The olfactory system is an unusual tissue in which olfactory receptor neurons (ORNs) are continuously replaced throughout the life of mammals. Clearance of the apoptotic ORNs corpses is a fundamental process serving important functions in the regulation of olfactory nerve turnover and regeneration. However, little is known about the underlying mechanisms. Olfactory ensheathing cells (OECs) are a unique type of glial cells that wrap olfactory axons and support their continual regeneration from the olfactory epithelium to the bulb. In the present study, OECs were identified to exist in two different states, resting and reactive, in which resting OECs could be activated by LPS stimulation and functioned as phagocytes for cleaning apoptotic ORNs corpses. Confocal analysis revealed that dead ORNs debris were engulfed by OECs and co-localized with lysosome associated membrane protein 1. Moreover, phosphatidylserine (PS) receptor was identified to express on OECs, which allowed OECs to recognize apoptotic ORNs by binding to PS. Importantly, engulfment of olfactory nerve debris by OECs was found in olfactory mucosa under normal turnover and was significantly increased in the animal model of olfactory bulbectomy, while little phagocytosis by Iba-1-positive microglia/macrophages was observed. Together, these results implicate OEC as a primary innate immunocyte in the olfactory pathway, and suggest a cellular and molecular mechanism by which ORNs corpses are removed during olfactory nerve turnover and regeneration.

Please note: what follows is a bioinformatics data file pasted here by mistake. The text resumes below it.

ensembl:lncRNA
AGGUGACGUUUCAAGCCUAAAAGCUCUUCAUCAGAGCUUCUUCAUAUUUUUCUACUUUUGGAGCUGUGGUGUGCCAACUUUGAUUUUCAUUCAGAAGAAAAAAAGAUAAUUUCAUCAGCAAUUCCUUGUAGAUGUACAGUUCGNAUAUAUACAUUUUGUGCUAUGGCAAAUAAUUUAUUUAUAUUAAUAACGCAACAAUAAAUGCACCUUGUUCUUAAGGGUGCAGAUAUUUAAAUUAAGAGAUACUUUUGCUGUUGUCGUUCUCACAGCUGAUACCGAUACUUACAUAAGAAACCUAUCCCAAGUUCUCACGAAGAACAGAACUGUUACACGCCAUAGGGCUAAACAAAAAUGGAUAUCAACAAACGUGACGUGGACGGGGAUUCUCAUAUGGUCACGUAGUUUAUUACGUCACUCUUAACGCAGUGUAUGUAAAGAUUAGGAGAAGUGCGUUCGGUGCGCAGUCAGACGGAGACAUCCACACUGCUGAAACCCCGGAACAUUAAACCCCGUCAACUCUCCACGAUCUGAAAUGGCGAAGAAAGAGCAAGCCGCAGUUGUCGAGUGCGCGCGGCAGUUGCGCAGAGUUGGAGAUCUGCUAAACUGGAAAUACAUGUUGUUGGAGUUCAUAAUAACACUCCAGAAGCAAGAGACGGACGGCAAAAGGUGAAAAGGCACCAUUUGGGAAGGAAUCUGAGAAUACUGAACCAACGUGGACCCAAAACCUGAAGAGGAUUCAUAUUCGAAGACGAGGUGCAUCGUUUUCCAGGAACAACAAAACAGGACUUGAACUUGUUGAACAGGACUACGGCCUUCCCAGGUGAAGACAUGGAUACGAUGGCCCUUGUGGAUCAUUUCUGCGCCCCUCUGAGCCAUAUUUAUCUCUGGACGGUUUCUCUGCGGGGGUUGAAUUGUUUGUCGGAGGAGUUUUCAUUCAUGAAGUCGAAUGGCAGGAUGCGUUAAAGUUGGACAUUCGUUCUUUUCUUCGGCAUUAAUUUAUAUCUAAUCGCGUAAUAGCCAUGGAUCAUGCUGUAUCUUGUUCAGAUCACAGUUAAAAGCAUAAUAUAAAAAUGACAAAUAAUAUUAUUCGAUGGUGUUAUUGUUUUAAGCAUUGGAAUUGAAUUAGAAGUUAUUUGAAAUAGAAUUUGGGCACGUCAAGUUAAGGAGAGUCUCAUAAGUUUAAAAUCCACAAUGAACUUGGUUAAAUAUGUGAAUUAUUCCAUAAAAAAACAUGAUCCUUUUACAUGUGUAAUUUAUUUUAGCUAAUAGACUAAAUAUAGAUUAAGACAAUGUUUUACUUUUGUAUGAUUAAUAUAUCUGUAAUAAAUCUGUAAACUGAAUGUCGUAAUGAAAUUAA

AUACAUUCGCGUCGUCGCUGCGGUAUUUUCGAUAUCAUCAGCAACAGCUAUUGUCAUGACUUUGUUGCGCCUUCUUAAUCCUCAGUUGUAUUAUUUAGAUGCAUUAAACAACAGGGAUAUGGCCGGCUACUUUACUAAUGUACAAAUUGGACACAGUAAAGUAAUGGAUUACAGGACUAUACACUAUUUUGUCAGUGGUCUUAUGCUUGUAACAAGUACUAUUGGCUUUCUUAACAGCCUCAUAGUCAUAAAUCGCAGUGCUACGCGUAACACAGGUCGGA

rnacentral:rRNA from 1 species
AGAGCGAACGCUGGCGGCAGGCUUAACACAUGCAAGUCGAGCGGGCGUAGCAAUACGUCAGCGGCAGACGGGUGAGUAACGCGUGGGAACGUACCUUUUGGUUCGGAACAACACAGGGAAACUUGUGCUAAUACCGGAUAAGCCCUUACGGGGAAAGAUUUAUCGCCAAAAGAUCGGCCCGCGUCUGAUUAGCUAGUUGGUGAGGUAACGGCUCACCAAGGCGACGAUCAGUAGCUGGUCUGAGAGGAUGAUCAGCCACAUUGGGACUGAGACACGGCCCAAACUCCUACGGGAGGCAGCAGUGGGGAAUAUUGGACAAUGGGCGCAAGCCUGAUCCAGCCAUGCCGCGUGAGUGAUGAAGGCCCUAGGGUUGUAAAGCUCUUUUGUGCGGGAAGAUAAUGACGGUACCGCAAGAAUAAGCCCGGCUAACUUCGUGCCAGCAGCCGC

- Olfactory ensheathing cell
- Olfactory receptor neuron
ASJC Scopus subject areas
- Cellular and Molecular Neuroscience